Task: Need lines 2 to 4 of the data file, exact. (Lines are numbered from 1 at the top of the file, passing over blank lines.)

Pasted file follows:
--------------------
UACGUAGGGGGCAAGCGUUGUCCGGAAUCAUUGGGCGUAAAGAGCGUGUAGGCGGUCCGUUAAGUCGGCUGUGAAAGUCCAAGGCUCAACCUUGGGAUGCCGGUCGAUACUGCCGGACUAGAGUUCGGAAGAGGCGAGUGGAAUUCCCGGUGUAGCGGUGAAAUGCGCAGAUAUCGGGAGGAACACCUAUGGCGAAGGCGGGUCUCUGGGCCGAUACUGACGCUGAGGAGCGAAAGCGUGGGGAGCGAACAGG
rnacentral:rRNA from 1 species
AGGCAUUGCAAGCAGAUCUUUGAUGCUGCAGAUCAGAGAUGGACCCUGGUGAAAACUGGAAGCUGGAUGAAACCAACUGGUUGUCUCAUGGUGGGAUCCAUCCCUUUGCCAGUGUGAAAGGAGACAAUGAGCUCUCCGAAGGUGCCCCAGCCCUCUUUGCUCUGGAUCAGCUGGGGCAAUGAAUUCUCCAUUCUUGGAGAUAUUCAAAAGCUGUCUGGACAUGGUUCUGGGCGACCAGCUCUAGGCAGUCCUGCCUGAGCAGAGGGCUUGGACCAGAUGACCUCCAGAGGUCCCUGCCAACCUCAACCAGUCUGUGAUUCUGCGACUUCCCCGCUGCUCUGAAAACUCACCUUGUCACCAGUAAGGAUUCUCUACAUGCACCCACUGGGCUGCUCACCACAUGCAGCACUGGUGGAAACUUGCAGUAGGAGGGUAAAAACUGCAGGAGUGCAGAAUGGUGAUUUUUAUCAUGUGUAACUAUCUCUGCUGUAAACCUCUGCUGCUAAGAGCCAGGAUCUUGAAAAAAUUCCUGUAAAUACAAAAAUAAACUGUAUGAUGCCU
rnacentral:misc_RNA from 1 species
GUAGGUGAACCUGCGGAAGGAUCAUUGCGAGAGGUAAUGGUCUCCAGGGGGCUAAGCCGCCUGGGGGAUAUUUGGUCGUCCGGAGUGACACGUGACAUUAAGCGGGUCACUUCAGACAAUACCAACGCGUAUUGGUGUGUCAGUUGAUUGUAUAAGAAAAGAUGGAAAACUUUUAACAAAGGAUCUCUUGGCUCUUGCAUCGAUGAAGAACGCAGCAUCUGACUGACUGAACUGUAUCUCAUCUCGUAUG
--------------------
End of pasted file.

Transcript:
rnacentral:rRNA from 1 species
AGGCAUUGCAAGCAGAUCUUUGAUGCUGCAGAUCAGAGAUGGACCCUGGUGAAAACUGGAAGCUGGAUGAAACCAACUGGUUGUCUCAUGGUGGGAUCCAUCCCUUUGCCAGUGUGAAAGGAGACAAUGAGCUCUCCGAAGGUGCCCCAGCCCUCUUUGCUCUGGAUCAGCUGGGGCAAUGAAUUCUCCAUUCUUGGAGAUAUUCAAAAGCUGUCUGGACAUGGUUCUGGGCGACCAGCUCUAGGCAGUCCUGCCUGAGCAGAGGGCUUGGACCAGAUGACCUCCAGAGGUCCCUGCCAACCUCAACCAGUCUGUGAUUCUGCGACUUCCCCGCUGCUCUGAAAACUCACCUUGUCACCAGUAAGGAUUCUCUACAUGCACCCACUGGGCUGCUCACCACAUGCAGCACUGGUGGAAACUUGCAGUAGGAGGGUAAAAACUGCAGGAGUGCAGAAUGGUGAUUUUUAUCAUGUGUAACUAUCUCUGCUGUAAACCUCUGCUGCUAAGAGCCAGGAUCUUGAAAAAAUUCCUGUAAAUACAAAAAUAAACUGUAUGAUGCCU
rnacentral:misc_RNA from 1 species